### Introduction to MATLAB Programming with Applications

Zheng-Liang Lu

Department of Computer Science and Information Engineering National Taiwan University

MATLAB 323 Spring 2020

1 >> Lecture 0

2 >>

3 >> -- Introduction

4 >>

### Class Information

• Instructor: Zheng-Liang Lu

• Email: d00922011@ntu.edu.tw

• The course website is

http://www.csie.ntu.edu.tw/˜d00922011/matlab323.html.

• All lecture slides are organized in English and will be modified if necessary.

### Teaching Philosophy

• I try to lower the barriers to entry.

• I provide resources as many as possible.

• I answer your questions.

### Roll Call

### What Can A Program Do?

• A programis an implementation of an algorithmexpressed in a specific programming language.

### Algorithms In A Nutshell

^{1}

• An algorithm is a well-definedcomputational procedurethat takes necessary information asinput and produces ancorrect answer asoutput.

• Simply put, an algorithm is a procedure that solves a specific class of problems, like a recipe or a cookbook.

• An algorithm has properties as follows:

• Definiteness: all steps are precisely defined.

• Finiteness: for any input, the algorithm must terminate after a finite number of steps (time).

• Effectiveness: operations are basic enough (e.g. + − ×÷) to be able to done exactly and in a finite number of steps.

• Note that an algorithm could be expressed not only in programming languages, but also in human languages, flow charts, andpseudo codes.

### Example: Greatest Number

• Let A be a list of numbers.

• For example, consider A = {1, 7, 9, −2, 4}.

• Then it is clear that the answer is 9.

• Now propose an algorithm which finds the greatest element in for any list of numbers.

Input: A.

Output: the greatest element in A.

• Try a top-down approach in your native language?

### Optimal Solution

• Let A(1) be the first element of A and so on.

• The symbol ← is a copy operator from right to left.

1 max <- A(1)

2 for i <- 2 ~ n

3 if A(i) > max

4 max <- A(i)

5 end

6 end

7 return max

• In Line 1, why not max ← 0 but max ← A(1) ?

• You may extend this solution to more questions:

### Remarks

• Program design ≈ data structures + algorithms

• Data structures: organize your data in an efficient way

• Algorithms: process your data so that you can derive the solution

• In some sense, we can say that programming languages are less important than the two above.

• Here we will learn programming concepts and classical algorithms in MATLAB.

### MATLAB: An Overview

### Command Window

• Let’s try a greeting, “Hello, MATLAB.”

1 >> disp("Hello, MATLAB.");

• disp takes thestringas input and outputs it on the screen.

• A string isdouble-quotedin MATLAB.

• The convention in the slides is as follows:

• Boxes show the listings for sample programs.

• Important words and sentences are highlighted in red.

• Words in blue are reserved words.

• Bold words in black are functions.

### Errors

• MATLABinterrupts your program if anerror occurs.

• Don’t be frustrated by these red lines.

• Most of these errors detected by MATLAB aresyntax errors andruntime errors, which can be avoided by more practices.

• Logic errors cannot be found by the machine itself!

“Why do we fall sir? So that we can learn to pick ourselves up.”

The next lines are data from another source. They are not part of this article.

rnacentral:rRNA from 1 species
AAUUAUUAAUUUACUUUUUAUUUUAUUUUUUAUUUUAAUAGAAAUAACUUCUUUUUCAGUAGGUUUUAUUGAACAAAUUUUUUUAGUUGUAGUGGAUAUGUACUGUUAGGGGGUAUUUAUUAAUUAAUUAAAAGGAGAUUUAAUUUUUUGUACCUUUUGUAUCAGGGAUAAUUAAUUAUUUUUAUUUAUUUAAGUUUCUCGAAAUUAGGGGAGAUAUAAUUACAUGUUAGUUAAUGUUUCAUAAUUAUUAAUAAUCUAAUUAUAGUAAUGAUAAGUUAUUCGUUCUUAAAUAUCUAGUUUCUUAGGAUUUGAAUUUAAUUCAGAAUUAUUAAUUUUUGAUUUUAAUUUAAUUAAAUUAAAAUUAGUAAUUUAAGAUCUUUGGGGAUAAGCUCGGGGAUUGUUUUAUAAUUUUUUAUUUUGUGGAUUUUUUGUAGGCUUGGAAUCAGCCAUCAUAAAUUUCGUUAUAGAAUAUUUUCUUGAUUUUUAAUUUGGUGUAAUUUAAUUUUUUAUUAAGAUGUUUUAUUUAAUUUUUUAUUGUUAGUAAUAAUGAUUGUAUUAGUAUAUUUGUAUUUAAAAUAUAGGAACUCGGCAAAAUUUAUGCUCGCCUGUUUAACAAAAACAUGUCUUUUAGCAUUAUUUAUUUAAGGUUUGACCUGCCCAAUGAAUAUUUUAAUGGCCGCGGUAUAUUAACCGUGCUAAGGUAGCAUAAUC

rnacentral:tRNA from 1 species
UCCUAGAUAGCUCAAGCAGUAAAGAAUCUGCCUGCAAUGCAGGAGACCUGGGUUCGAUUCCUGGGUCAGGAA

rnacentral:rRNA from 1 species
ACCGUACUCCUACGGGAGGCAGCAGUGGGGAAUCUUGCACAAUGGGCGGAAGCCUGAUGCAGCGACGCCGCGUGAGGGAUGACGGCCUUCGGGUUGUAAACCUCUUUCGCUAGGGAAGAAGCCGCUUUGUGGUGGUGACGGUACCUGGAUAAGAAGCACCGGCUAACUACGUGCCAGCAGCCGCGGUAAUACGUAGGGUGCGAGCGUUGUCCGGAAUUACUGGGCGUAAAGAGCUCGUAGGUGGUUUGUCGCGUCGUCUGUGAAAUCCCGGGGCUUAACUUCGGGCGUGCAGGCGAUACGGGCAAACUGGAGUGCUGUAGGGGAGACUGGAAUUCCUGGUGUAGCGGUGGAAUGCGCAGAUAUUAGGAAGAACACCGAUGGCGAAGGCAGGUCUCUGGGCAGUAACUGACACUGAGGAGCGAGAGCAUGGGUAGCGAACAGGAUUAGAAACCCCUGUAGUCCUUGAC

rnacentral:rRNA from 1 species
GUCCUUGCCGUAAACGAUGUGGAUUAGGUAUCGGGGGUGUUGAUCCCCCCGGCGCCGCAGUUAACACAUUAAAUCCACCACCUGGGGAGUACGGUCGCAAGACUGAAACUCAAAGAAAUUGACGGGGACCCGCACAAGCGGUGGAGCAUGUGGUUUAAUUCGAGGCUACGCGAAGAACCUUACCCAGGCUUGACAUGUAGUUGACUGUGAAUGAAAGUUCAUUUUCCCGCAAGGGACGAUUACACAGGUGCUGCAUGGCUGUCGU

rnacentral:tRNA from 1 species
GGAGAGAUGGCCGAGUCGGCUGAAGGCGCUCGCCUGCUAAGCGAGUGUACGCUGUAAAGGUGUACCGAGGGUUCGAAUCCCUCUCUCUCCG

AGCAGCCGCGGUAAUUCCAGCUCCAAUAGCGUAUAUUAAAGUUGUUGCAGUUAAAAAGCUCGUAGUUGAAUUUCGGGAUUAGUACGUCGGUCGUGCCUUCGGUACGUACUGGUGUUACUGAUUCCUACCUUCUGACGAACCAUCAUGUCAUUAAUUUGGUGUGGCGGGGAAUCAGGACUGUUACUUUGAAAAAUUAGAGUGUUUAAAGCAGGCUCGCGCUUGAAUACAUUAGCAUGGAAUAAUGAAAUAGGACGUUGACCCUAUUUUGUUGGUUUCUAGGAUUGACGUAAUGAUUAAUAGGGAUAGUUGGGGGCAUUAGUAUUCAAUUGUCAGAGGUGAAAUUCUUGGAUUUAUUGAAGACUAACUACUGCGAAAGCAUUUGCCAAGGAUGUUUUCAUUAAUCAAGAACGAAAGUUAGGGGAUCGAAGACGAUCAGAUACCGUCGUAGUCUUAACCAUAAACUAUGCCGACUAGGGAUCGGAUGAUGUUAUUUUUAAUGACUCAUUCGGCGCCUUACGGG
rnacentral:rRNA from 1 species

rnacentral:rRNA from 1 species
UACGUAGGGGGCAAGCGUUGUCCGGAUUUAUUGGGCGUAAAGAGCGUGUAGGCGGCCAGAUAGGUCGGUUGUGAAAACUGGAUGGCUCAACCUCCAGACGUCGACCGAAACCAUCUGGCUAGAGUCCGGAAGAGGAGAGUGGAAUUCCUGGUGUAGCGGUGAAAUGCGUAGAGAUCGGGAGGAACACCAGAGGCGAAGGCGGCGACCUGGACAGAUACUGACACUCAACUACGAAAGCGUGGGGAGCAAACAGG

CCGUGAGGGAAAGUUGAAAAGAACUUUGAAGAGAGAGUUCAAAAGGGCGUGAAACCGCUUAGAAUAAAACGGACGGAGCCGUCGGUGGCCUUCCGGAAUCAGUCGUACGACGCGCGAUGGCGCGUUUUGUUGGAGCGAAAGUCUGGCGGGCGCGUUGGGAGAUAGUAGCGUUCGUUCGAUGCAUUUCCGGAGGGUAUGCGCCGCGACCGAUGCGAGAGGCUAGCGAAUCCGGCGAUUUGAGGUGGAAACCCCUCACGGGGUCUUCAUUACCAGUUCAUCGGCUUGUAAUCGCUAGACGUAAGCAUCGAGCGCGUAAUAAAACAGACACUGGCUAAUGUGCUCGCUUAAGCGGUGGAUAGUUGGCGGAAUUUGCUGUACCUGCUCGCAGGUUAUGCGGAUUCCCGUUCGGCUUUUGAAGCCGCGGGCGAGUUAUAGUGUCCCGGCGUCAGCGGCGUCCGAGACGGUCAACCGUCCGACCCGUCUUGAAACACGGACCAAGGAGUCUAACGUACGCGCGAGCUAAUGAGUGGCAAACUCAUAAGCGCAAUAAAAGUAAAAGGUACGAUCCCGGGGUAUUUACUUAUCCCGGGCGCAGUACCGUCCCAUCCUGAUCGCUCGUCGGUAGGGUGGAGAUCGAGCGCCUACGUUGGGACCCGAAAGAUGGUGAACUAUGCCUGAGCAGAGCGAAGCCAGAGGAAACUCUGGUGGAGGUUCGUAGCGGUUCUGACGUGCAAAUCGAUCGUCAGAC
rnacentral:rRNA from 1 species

– Alfred Pennyworth, Batman Begins (2005)

### Help Yourself

• help followed by the command name shows the usage of that command, for example,

1 >> help disp

2 ...

• The reference page also provides the detail of commands with fruitful examples.

• Google is your best friend (when you learn by yourself).

### Debut: Your First MATLAB Program

1 % This is my first MATLAB program.

2

3 clear; % Clear all variables stored in the workspace.

4 clc; % Clear the screen.

5 % Main program

6 disp("Hello, Matlab.");

• The lines which begin with % are treated as comments which won’t be executed.

• The command clear is used to release all the variables in the
workspace^{2}.

• To run this program, we need to saveto a file, for example, helloworld.m.

• Click the Run button.^{3}

• Alternatively, press F5 for saving the file and executing the program.

1 >> helloworld

2

3 Hello, world.

### Block Comments

• Press ctrl + rto comment lines.

• Press ctrl + tto de-comment lines. (Useful!)

• The contiguous comment lines starting from the top of file are regarded as the program document.

1 >> help helloworld

2

3 This is my first MATLAB program.

• We can easily organize the program by these two hot keys during the trial-and-error stage.

1 >> Lecture 1

2 >>

3 >> -- Data, Data Types, and Operators

4 >>

### Data Types

• Everything is encoded in binary, aka bit (either 0 or 1).

• Note that 1 byte is equal to 8 bits.

• How many bits do you need to store a value?

• Not depending on the value itself!

• The type determine its size!^{4}

• We have two different numeric types: integers and real
numbers (more precisely, floating points^{5}).

• An int value takes 32 bits.

• Adoublevalue takes 64 bits.

### Computational Limits

• It is a common convention to use e to identify a power of 10,

### Numerical Error

^{7}

• By default, MATLAB treats every numeric value as double.

• However, these double values only approximate real numbers.

• For example, 0.5 − 0.1 − 0.1 − 0.1 − 0.1 − 0.1 =? (Why?)

• Is 3.14 + 1e20 − 1e20 equal to 3.14 + (1e20 − 1e20)?

• Finite precision of computations involving floating-points is
the main cause of numerical error.^{6}

### Variables & Assignments

• A variable is used to keep a value or values.

• A common statement looks like

var = expression,

where var should be a variable and the expression could be a
mathematical expression or a function call.^{8}

• For example, suppose x = 0.

• Then run y = x + 1 and so y = 1. (Trivial.)

• How about x = x + 1?

• Theassignment operator (=) is defined to assign a value to the variable,from right to left.